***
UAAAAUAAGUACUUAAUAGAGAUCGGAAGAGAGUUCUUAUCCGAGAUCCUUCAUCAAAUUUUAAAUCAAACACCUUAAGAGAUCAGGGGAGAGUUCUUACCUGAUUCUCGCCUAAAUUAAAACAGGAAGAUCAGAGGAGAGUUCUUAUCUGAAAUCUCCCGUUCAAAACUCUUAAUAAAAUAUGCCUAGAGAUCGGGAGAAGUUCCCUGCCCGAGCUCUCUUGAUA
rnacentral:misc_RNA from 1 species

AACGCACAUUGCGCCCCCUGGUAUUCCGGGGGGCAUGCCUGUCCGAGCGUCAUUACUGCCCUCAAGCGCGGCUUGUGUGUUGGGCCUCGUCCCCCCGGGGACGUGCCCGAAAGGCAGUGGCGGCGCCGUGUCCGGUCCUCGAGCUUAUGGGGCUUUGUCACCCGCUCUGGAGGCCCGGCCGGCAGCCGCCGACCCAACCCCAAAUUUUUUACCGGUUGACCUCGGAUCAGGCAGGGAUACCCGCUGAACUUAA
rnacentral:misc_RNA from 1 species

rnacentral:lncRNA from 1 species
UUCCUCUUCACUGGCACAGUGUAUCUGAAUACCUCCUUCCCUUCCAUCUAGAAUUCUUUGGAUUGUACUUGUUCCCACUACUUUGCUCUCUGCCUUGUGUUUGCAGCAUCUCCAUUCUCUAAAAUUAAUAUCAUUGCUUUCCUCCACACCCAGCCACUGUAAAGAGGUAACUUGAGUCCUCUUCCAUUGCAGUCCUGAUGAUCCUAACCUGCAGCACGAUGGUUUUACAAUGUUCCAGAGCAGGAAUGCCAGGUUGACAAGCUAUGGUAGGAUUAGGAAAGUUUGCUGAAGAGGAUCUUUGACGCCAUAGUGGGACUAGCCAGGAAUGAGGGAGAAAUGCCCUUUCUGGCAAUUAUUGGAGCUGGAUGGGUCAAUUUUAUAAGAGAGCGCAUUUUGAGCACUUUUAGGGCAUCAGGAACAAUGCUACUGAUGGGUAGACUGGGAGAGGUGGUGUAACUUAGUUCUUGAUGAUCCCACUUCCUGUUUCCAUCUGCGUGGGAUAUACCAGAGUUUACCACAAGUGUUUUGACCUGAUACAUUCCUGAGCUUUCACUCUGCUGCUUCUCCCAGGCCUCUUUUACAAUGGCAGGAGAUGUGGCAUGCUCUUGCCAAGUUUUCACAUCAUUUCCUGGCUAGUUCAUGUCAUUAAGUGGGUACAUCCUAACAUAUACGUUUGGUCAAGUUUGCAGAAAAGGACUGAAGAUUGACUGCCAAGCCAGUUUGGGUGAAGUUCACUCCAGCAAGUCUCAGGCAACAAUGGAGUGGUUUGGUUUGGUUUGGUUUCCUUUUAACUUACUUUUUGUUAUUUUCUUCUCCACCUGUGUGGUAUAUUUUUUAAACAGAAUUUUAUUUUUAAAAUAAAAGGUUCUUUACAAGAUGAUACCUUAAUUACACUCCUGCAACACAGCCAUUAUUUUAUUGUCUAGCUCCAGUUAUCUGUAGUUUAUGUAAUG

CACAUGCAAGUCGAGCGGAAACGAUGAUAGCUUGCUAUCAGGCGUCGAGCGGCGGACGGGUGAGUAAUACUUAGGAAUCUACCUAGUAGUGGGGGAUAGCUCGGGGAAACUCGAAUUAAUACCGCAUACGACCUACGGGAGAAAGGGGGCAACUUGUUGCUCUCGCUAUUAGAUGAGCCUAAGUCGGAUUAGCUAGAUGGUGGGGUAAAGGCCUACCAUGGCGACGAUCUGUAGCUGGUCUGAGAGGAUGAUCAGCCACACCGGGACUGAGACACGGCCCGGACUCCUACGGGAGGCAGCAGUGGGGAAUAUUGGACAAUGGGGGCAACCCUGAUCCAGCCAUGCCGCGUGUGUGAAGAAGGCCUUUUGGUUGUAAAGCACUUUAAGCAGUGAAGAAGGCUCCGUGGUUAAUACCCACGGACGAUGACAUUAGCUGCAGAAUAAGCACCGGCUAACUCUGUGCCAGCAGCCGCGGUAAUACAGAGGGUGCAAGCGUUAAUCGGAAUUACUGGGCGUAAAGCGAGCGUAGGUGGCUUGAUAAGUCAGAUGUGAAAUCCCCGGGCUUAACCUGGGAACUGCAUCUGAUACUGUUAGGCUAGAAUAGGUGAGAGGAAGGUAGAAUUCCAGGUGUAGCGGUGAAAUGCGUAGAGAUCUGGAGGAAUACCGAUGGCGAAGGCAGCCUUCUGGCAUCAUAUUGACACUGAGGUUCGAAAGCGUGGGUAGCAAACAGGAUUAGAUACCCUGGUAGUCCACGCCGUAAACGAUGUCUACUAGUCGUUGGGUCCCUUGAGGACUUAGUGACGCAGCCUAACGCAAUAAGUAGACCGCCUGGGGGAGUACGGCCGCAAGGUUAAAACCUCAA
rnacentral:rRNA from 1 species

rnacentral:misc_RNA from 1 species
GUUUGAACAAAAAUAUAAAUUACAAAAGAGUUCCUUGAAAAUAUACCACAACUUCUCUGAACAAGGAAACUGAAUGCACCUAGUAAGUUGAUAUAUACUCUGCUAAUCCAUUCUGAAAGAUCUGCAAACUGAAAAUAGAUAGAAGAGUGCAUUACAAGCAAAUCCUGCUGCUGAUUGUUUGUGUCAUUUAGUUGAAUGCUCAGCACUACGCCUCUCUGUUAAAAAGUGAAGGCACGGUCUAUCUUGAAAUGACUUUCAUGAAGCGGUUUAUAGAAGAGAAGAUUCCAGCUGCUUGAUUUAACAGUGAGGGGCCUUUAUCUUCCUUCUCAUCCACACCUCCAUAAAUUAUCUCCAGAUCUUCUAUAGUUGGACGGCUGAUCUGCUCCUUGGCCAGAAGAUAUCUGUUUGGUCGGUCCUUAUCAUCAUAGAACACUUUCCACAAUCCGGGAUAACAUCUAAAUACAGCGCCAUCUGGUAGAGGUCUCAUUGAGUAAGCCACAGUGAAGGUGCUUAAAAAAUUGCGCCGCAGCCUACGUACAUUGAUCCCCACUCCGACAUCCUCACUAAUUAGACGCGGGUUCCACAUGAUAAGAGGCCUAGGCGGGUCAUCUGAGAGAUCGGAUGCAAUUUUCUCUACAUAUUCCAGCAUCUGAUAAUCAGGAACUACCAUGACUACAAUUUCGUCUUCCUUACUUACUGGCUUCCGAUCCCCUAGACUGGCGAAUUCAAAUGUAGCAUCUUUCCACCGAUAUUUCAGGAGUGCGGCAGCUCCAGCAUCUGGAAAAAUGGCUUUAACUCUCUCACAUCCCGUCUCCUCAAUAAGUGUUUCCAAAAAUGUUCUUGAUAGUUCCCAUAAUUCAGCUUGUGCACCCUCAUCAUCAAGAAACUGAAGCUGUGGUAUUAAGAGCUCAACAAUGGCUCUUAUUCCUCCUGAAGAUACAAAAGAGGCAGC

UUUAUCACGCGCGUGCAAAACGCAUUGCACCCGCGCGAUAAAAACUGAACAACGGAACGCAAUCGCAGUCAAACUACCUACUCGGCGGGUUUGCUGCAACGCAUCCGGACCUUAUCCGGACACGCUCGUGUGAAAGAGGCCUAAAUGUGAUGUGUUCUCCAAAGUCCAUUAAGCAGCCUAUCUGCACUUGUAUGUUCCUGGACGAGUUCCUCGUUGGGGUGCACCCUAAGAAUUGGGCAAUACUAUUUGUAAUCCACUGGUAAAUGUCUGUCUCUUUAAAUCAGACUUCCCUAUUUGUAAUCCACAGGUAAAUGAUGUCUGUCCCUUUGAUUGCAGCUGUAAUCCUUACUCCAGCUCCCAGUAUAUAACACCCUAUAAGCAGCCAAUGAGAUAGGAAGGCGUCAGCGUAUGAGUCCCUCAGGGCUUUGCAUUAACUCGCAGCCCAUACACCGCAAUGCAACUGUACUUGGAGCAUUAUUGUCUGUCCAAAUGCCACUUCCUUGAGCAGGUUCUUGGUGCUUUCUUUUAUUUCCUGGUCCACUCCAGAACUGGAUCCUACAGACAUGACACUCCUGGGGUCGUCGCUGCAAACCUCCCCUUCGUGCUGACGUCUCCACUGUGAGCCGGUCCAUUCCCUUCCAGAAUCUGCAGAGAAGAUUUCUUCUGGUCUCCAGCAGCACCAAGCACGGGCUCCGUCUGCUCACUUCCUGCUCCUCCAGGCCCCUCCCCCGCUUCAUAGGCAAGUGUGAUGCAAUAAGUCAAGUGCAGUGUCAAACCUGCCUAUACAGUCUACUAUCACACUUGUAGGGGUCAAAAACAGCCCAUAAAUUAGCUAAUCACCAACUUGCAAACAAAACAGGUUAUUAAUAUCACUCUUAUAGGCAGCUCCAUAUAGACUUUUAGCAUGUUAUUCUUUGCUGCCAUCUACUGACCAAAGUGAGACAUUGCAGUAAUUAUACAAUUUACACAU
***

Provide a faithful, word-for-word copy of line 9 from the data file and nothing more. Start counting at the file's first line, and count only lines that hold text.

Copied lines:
rnacentral:misc_RNA from 1 species